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Looking Back: Airway Motor Lodge opens off Route 58

Published 11:13am Friday, November 2, 2012

EDITOR’S NOTE: Looking Back features past articles from The Tidewater News with commentary by local historian Clyde Parker.

THE TIDEWATER NEWS — NOV. 2, 1962

The brand-new Airway Motor Lodge is scheduled to open Monday. The 26-unit motel, located just east of Franklin on busy U.S. Route 58, next to the Franklin Municipal Airport, is a project of the Franklin Chamber of Commerce. Built at a cost of $340,000, the motel is being financed by local individuals and Tidewater Bank and Trust Co. in Franklin.

The Airway, a member of the “Quality Courts” association, will have a swimming pool, free TV in each unit, air conditioning, baby cribs, room telephones, free ice, and wall-to-wall carpeting. A walkway connects the motel to the Airway Restaurant.

Sol W. Rawls, Jr. is president of the motel, Robert C. Ray is vice president, George H. Parker, Jr. is secretary and John T. Claud is treasurer and manager.

HUNTERDALE DAIRY SOLD TO PET MILK CO.

The milk processing and distribution part of Hunterdale Farms has been sold to Pet Milk Company, according to Gordon Bridges, Hunterdale Farms Manager, and R. H. Steadham, Manager of the PET plant in Franklin.

Pet Milk Co., based in Johnson City, Tennessee, has served the Franklin area for many years with the ‘’PET” ice cream brand.

Back In April, Pet bought Pine Grove Dairy in Norfolk County, which purchases 85 percent of the milk production of dairy farmers located in Southampton County. Now, Hunterdale Farms will sell and ship its milk in bulk to Pine Grove. After milk for Franklin area customers is processed by Pine Grove and packaged with the “Pet” label, it will be sent to the Pet Plant in Franklin for distribution.

Romie Green, who is a long-time home delivery route salesman for Hunterdale Farms, will be retained by Pet and will continue to serve his customers except the brand will be “Pet” instead of “Hunterdale Dairy.”

Although Bridges will no longer be involved with milk processing and distribution, he will continue to operate the farm. It is one of the largest dairy farms in Southampton County. There are 100 Guernsey milking cows, 109 acres of land for raising feed, and 50 acres of pasture.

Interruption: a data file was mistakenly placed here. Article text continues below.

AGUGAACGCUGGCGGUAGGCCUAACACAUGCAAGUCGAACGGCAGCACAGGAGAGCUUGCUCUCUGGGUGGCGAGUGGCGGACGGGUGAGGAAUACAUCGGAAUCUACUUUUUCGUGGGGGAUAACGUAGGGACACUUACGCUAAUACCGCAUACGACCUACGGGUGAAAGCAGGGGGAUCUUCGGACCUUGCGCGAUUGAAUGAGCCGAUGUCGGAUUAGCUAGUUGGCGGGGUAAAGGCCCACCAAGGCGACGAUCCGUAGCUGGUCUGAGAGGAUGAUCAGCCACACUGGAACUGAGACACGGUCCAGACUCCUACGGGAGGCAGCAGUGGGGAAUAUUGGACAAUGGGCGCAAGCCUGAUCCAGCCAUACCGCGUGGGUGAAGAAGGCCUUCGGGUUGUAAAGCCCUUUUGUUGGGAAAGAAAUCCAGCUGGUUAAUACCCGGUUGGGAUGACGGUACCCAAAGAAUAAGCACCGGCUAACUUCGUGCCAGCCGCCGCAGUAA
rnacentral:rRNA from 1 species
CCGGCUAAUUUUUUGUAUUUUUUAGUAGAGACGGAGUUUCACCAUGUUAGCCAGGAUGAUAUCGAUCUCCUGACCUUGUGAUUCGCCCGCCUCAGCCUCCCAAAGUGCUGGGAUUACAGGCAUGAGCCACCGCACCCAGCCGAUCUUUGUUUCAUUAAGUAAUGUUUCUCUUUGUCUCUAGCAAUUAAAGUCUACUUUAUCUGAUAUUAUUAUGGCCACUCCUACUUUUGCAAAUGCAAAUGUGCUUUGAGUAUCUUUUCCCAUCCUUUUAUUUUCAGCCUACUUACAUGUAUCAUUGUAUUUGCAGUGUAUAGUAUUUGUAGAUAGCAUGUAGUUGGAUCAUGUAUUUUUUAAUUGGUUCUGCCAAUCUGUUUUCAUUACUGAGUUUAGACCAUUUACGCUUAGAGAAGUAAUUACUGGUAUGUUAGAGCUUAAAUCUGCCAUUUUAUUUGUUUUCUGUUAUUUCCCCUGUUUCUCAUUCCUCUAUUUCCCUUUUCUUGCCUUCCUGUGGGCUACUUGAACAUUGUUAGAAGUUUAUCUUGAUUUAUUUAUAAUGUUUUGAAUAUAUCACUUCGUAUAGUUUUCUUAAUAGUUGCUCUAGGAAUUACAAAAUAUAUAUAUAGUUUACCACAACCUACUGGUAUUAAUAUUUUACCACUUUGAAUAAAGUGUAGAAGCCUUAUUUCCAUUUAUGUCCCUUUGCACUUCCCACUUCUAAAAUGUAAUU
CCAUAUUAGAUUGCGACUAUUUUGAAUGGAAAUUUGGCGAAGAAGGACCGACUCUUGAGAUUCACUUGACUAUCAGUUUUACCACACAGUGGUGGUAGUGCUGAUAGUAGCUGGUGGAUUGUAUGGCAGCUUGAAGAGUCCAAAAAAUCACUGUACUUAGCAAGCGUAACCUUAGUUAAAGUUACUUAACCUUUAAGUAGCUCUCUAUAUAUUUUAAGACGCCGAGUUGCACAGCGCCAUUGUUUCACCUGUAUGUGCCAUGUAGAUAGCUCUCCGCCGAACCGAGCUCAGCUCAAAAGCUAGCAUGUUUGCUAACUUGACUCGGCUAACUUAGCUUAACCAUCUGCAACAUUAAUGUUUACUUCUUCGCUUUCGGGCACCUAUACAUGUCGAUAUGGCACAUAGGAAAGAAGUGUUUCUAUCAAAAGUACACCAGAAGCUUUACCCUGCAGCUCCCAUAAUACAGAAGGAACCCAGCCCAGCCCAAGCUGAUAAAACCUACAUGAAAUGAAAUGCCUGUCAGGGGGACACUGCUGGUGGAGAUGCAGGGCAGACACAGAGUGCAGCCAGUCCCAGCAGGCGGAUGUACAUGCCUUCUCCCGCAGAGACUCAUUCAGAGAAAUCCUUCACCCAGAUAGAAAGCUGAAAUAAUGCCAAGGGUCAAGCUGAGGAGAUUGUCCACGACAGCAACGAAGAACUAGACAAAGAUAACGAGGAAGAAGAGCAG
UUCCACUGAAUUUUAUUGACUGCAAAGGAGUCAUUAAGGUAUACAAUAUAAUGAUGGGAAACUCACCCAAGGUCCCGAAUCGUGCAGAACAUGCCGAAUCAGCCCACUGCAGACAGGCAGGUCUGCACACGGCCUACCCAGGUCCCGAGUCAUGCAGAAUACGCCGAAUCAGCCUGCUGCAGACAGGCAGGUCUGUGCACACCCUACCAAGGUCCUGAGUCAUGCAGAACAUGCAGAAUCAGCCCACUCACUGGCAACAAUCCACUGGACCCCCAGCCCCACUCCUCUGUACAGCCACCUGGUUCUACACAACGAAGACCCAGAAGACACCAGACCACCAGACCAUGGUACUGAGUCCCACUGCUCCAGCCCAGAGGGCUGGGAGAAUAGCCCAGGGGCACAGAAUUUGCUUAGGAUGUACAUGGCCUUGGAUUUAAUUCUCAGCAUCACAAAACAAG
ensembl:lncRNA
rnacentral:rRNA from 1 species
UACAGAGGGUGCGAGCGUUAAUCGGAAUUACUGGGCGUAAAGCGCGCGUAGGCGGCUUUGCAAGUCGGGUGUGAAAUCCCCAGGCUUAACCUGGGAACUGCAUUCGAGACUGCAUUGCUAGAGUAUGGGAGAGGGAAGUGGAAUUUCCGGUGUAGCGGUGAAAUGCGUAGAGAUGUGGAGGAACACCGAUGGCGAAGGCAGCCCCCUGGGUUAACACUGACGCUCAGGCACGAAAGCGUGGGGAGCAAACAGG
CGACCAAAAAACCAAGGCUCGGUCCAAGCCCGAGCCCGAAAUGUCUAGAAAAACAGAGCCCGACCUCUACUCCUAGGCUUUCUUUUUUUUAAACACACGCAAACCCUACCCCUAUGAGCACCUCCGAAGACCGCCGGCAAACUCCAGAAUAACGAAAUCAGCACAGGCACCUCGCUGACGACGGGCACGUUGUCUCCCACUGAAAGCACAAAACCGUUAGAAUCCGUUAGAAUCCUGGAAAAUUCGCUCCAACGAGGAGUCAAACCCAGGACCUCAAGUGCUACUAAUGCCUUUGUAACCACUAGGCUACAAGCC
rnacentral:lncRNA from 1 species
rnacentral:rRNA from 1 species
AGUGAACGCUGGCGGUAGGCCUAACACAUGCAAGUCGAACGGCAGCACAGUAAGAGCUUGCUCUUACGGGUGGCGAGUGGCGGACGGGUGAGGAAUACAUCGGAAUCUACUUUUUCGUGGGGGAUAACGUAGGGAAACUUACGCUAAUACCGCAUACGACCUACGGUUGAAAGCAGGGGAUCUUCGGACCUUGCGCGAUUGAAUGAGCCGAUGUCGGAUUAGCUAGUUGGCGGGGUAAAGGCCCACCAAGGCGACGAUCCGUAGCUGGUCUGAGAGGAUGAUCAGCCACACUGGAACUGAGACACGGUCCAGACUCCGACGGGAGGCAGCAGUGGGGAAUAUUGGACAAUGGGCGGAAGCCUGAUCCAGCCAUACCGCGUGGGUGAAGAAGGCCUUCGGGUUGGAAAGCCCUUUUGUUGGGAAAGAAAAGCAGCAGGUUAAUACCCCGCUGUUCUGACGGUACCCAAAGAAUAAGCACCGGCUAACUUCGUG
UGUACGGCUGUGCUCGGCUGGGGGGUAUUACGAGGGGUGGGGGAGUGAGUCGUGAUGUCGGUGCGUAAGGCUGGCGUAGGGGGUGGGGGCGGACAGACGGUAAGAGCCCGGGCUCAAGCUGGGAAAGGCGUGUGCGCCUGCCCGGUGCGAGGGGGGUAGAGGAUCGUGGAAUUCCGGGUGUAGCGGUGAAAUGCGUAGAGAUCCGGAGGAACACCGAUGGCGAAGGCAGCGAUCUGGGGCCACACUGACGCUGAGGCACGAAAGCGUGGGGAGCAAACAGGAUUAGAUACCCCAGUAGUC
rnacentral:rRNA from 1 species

Co-owners of Hunterdale Farms are Gordon Bridges and Hunter Scott.

Other community dairy farmers that provide milk to Pine Grove include: Cadmus Stephenson, Zuni; T. J. Ashburn, Suffolk; J. M. Babb, Ivor; Carl Branch, Ivor; Walter Young, Franklin; William Bradshaw, Franklin; William Camp, Franklin; W. H. Rose, Carrsville; Clifford Cutchins, Franklin; H.G. Dashiell, Smithfield; Mrs. R. F. Fahy, Franklin.

COURT CASES OVERLOAD COUNTY BOARD

“Your hair will be as white as mine by the time we get through with these court cases,” John M. Camp, Chairman of the Southampton County Board of Supervisors, told a fellow supervisor at Monday’s meeting.

He was referring to and commenting on the fact that the Board wanted to settle the COUNTY-CITY SCHOOL CASE and a possible ANNEXATION effort by the City of Franklin before getting involved in, or pursuing, any other complicated legal matters.

NOTE: When Franklin became an independent city in December of 1961, even though Camp was a resident of the City, he continued to serve on the County Board of Supervisors. He was in his most recent of several terms as the elected supervisor for the Franklin District of Southampton County.

Prior to Franklin’s city status, the Franklin District of Southampton County included Franklin and areas immediately surrounding the town including Hunterdale, Delaware and Forks of the River.

Of course, after Franklin became an independent city, Camp could no longer represent Franklin citizens. But, he could still represent the people that were residing in the remaining parts of the Franklin District for the duration of his current term and for as long as he continued to be elected.

Mike Johnson, Southampton County Administrator, provided this excerpt of the State Statue governing this situation: “Any county officer who resides in the county or in any town therein, and has an established home therein, which homesite becomes a part of a city after such officer’s election or appointment, shall not vacate his office by reason of his residence in the city, but shall continue to hold such office so long as he is successively elected or appointed to the office held by him at the time of the transition.”

In July of 1962, Camp was, again, elected Chairman by vote of his fellow Board members.

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